Breaking down barriers in the police interview room starts with connecting with the suspect.

Breaking down barriers in the police interview room starts with connecting with the suspect. Image source: Flickr user Jasleen Kaur.

His arms are folded over his chest; his legs are crossed. You, on the other hand, are sitting back, hands interlaced at the back of your head, legs in that position some women call “manspreading.” The suspect is being defensive, and you are showing you are in control. But are you? You can’t break down their walls with a show of power, and the suspect already knows he is under the spotlight. Instead, if you approach the suspect with openness and friendliness, you will come out of the interview with more information than when you went in.

Police officers who are trained in using the  Computer Voice Stress Analyzer (CVSA®) use an interview technique called the Defense Barrier Removal,® which is designed to reduce stress and make suspects feel comfortable with the process of the interview and truth verification examination. DBR is a methodology that focuses on building rapport by creating a non-threatening environment and focusing on gradually gathering information—a highly effective method of getting a suspect to tell the truth.

Creating a Bond Between Unlikely Participants

Glynn County (Brunswick, Georgia) Police Detective Jay Wiggins found himself face-to-face with a suspect who had been brought in after a domestic call where shots were fired. The man was found grieving for his wife, who appeared to have shot herself in the head. Even so, Wiggins conducted a CVSA examination on the husband at the request of investigating detectives.

Wiggins, as a CVSA Examiner understood the principles of DBR and the value of putting his suspect at ease. For example, while the CVSA Examiner is dressed professionally, he would not be in uniform or display his gun, handcuffs, or other intimidating police equipment that may distress individuals. Even the decision about what to wear is important, as psychologists who study color and its effect on emotions point out that colors such as medium to dark shades of blue or gray are more likely to instill trust in a person. The actual interview focuses on non-accusatory questions leading up to the truth verification examination. 

Wiggin’s suspect failed the CVSA examination and asked to retake it—and then failed again. Although Wiggins trusted his own interview skills and the technology, he still needed a confession. The man was sticking to his story, which, if true, meant he should have been with family being consoled over the death of his depressed wife. No one wants to see someone suffer needlessly, so it was imperative that Wiggins clear this up quickly.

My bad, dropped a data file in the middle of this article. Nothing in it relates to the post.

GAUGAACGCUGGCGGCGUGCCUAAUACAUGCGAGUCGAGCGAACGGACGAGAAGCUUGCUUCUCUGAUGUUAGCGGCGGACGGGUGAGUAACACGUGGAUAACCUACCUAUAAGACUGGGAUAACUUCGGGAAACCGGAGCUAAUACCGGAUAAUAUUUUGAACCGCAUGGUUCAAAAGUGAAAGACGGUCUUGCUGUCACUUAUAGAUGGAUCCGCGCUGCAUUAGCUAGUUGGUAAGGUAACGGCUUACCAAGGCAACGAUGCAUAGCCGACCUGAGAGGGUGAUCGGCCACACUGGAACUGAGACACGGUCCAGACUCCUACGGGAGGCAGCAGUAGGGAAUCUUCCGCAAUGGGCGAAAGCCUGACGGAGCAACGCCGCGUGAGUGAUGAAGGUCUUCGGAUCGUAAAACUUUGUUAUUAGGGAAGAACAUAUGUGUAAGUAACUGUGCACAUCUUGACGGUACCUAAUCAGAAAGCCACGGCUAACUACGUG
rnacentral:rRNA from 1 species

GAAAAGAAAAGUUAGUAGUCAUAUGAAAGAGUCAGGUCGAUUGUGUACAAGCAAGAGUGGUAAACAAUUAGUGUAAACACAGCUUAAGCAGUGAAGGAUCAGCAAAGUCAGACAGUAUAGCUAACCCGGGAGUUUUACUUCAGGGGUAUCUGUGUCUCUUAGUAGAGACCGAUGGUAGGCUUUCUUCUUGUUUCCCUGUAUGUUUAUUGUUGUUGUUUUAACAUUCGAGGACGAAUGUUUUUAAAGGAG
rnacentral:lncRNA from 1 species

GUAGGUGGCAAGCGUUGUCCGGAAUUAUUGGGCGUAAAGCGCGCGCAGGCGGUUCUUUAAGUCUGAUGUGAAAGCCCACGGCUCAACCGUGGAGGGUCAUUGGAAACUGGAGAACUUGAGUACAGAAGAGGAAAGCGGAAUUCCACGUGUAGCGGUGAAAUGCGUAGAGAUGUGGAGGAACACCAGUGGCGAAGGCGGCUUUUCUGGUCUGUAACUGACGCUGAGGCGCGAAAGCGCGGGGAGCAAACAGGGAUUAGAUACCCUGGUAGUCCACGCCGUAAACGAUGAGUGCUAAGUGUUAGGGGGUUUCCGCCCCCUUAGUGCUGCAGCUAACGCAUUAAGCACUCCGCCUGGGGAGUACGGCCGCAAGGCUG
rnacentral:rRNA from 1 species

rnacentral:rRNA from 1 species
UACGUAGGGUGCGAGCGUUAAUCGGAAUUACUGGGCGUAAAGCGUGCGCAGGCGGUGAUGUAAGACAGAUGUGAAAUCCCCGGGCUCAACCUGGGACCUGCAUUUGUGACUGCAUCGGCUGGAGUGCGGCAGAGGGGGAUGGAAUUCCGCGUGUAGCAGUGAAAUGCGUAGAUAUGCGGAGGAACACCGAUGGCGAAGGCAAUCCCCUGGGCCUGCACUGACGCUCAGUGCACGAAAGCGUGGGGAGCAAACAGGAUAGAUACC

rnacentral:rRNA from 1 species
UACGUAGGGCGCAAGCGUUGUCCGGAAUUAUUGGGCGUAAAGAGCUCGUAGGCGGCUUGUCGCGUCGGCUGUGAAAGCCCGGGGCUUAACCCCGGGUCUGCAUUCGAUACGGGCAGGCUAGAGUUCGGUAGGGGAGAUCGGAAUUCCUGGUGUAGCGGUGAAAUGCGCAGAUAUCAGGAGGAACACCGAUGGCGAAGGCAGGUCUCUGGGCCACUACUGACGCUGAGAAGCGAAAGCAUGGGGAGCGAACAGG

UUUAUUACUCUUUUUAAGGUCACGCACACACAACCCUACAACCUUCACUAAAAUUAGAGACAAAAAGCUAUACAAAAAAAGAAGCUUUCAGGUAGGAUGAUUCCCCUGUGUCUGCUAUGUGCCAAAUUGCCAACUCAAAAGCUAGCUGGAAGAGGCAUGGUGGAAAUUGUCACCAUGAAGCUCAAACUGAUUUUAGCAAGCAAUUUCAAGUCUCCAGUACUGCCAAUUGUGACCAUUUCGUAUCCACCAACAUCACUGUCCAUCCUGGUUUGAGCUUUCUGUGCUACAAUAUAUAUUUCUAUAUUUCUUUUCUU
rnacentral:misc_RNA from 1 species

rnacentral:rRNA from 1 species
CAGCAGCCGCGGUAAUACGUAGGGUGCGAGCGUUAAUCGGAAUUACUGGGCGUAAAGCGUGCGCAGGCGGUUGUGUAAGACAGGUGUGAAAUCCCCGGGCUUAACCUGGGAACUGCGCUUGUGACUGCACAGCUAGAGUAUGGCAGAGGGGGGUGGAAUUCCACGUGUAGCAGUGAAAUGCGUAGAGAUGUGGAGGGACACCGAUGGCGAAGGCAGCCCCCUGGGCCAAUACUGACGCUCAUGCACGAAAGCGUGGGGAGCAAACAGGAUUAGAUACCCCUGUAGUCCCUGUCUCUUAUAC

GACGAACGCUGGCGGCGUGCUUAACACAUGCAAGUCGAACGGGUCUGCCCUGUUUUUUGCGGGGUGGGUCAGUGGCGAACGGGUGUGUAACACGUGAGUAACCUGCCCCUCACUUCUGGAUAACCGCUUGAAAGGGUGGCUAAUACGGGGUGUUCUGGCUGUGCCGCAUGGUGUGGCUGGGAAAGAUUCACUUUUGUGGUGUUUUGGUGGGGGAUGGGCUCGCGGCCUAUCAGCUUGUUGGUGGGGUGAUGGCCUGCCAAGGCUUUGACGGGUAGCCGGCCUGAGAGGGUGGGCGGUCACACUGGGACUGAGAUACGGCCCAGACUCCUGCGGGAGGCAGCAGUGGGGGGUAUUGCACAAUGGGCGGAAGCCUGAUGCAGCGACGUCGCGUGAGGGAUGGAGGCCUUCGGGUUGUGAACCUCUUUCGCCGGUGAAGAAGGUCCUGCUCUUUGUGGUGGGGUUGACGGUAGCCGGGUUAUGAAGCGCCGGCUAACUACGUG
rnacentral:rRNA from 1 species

Using DBR to Resolve a Case

The Reid Technique, a style of interviewing that was formulated to work with the polygraph, is the most popular interviewing approach, even for officers who aren’t conducting polygraph examinations. However, this more adversarial approach is not an effective method of getting a person to open up and has led to false confessions because of its lengthy, stressful interrogations. The CVSA Examination, in contrast, is quicker and less invasive, using only a microphone to capture the human voice.

When someone is approached in an aggressive manner, that is when their walls go up. Suspects may try to manipulate the situation with mimicry of your body language or verbal communication style. They may laugh out of nervousness or as a tool to manipulate you, but inside, they’re just afraid they are going to be convicted.

Making an individual feel comfortable is the best route to obtaining truthful information. Working towards that goal includes everything from providing a comfortable setting for the interview to managing how that person perceives your body language. According to the principles of DBR, Wiggins would have opened the conversation in a casual tone, perhaps talking about the weather or sports. He would move into the interview phase in a friendly manner, indicating that perhaps this had all been a mistake or an accident. All the while, Wiggins would be analyzing the behavior of the suspect. Guilty individuals show more inconsistencies in their statements and more interruptions in their speech patterns, while innocent suspects are more confident in their answers.

After Wiggins showed the suspect the CVSA charts, the man finally confessed to shooting his wife. Although only a short period of time had passed, Wiggins had managed to build a connection and get his suspect to open up. Wiggins convinced him that making a confession was in his best interest when he had already lied not just once, but many times—to the other police and on two CVSA exams.

The suspect felt comfortable enough to confess, despite knowing he was probably going away for a long time. He’s not about to send Wiggins a “thank you” card, but the family of the dead woman is grateful that justice was observed. This kind of resolution is the ultimate goal of the police interview. Taking the DBR route to the truth is not only more expedient, but it allows the investigator to leave the interview room knowing they got information not with coercion but through analytical, strategic thinking.

Please reach out to us at NITV Federal Services to learn more about our CVSA systems and training programs.